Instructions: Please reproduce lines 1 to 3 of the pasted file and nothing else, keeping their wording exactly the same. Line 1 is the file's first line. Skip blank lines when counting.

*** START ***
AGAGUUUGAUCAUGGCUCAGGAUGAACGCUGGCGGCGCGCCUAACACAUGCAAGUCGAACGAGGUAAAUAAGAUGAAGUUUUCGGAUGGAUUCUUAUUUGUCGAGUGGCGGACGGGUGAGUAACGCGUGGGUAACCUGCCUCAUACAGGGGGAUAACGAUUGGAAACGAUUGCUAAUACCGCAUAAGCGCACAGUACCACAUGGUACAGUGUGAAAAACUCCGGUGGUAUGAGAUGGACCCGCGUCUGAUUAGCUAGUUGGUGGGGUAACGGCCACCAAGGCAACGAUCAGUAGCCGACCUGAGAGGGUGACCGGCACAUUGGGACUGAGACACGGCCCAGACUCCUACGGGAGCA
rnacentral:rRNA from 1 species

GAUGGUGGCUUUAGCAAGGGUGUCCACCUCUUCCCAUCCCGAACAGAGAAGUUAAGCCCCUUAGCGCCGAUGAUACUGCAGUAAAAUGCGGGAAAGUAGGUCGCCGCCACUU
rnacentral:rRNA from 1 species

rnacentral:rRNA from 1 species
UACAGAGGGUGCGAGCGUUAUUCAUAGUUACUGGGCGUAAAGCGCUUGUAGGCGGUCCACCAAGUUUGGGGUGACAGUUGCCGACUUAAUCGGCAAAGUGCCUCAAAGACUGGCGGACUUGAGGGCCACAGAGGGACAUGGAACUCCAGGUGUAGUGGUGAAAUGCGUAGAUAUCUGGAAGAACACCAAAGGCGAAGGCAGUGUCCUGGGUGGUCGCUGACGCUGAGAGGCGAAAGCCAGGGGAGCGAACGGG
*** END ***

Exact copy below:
AGAGUUUGAUCAUGGCUCAGGAUGAACGCUGGCGGCGCGCCUAACACAUGCAAGUCGAACGAGGUAAAUAAGAUGAAGUUUUCGGAUGGAUUCUUAUUUGUCGAGUGGCGGACGGGUGAGUAACGCGUGGGUAACCUGCCUCAUACAGGGGGAUAACGAUUGGAAACGAUUGCUAAUACCGCAUAAGCGCACAGUACCACAUGGUACAGUGUGAAAAACUCCGGUGGUAUGAGAUGGACCCGCGUCUGAUUAGCUAGUUGGUGGGGUAACGGCCACCAAGGCAACGAUCAGUAGCCGACCUGAGAGGGUGACCGGCACAUUGGGACUGAGACACGGCCCAGACUCCUACGGGAGCA
rnacentral:rRNA from 1 species

GAUGGUGGCUUUAGCAAGGGUGUCCACCUCUUCCCAUCCCGAACAGAGAAGUUAAGCCCCUUAGCGCCGAUGAUACUGCAGUAAAAUGCGGGAAAGUAGGUCGCCGCCACUU